Your weekly briefing:
With the Senate’s passage of SB 3 to raise teacher and librarian salaries, and the House introducing a comprehensive school finance bill, education issues dominated the week at the Capitol. But with less than three months to go in the 86th Legislative Session, we still don’t know whether public school employees will get a raise, or whether school districts will receive more funding. Or…nothing at all.
Last week in the Capitol:
- We officially have two players in the game for school funding this week with the House releasing its plan for HB 3, which is a mixed bag. We’re excited about the infusion of $6.3 billion for our public schools but have grave concerns about provisions creating a merit pay program for our underpaid teachers. We also have concerns about measures in the bill that increase the unelected commissioner of education’s power. Watch this space on how things develop, as HB 3 is sure to be a major issue for the remainder of the session.
- The Senate passed SB 3 out earlier this week, which establishes a permanent $5,000 raise for all teachers and librarians. Texas AFT will continue to fight to include ALL public school employees in the raise. The bill is unlikely to gain much traction in the House, which is focused on its own plan.
- Both chambers proposed priority bills this week to increase pension contributions with the goal of making the pension actuarially sound and eventually allowing for cost-of-living increases for retired educators. HB 9 would increase the state contribution to 8.8 percent, making no changes to what current members or school districts contribute. The Senate proposed SB 12 with a similar actuarial aim, but it would spread the increased contribution among employees, districts, and the state. Texas AFT will be supporting the HB 9 version, as it closes the state’s commitment gap while providing real relief for retirees.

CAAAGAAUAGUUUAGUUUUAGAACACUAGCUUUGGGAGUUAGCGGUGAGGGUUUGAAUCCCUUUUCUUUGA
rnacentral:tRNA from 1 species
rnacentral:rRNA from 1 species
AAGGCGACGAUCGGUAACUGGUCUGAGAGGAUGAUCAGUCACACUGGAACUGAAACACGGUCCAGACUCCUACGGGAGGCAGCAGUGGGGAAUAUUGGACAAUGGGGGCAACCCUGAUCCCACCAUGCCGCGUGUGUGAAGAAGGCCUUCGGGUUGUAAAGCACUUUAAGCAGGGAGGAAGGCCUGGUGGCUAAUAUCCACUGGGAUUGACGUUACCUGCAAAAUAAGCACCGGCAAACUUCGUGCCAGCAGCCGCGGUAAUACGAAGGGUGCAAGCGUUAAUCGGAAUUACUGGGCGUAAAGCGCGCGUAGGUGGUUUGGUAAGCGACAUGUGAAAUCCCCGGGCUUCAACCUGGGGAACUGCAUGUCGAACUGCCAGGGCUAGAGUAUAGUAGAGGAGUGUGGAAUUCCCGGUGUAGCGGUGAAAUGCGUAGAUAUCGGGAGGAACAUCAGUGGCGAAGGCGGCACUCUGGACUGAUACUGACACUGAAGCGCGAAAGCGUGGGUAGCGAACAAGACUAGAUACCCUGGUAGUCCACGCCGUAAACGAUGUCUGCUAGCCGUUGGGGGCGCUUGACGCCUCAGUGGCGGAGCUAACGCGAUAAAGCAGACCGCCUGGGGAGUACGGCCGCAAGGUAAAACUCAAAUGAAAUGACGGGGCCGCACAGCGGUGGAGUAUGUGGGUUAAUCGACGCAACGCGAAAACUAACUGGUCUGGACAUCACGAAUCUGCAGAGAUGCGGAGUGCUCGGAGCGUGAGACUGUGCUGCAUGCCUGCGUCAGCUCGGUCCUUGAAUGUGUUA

- Several school safety bills were also heard in the Senate Education Committee this week, with the most prominent one being SB 11, which is the Senate’s wide-ranging proposal based on Gov. Abbott’s school safety commission.
- On Tuesday a thorough hearing was held on the misalignment of STAAR tests to curriculum standards and STAAR’s impact on students and districts. The extensive testimony ranged from substantive discussions on the difference in performance of students on national tests, to the emotional stories of parents and teachers who have been frustrated by a less-than-fair test of grade-level skills. While there was no resolution in the committee, several members seemed shocked by the degree to which STAAR is intended not to measure current grade level aptitude, but rather to be predictive of future post-secondary and career success.
The Week Ahead:
We’re only days away from our 2019 rally on the Capitol steps and it’s shaping up to be the perfect time to come to Austin to talk to legislators. We can’t wait to see you in Austin on Monday joining us to keep the focus on the 5.4 million school children as well as the employees and families across Texas who count on having the best public schools!
On Tuesday, the House will have its first public hearing on HB 3 to get into the nitty-gritty on the bill. Then on Wednesday, the committee will hear a slew of bills on other issues ranging from concussions to ensuring more students are taught by certified teachers.
Great Bill of the Week
We all know it takes the ENTIRE public education team to educate a child, and Texas AFT is happy to see that freshman representative Jessica Gonzalez (D-Dallas) is ready to fight for all of us with HB 3274 that makes sure ALL public education employees make at least $15/hour. Our public school employees work very hard for 5.4 million children, and Texas owes them a living wage.
We’ll be back with another Weekly Briefing next Friday!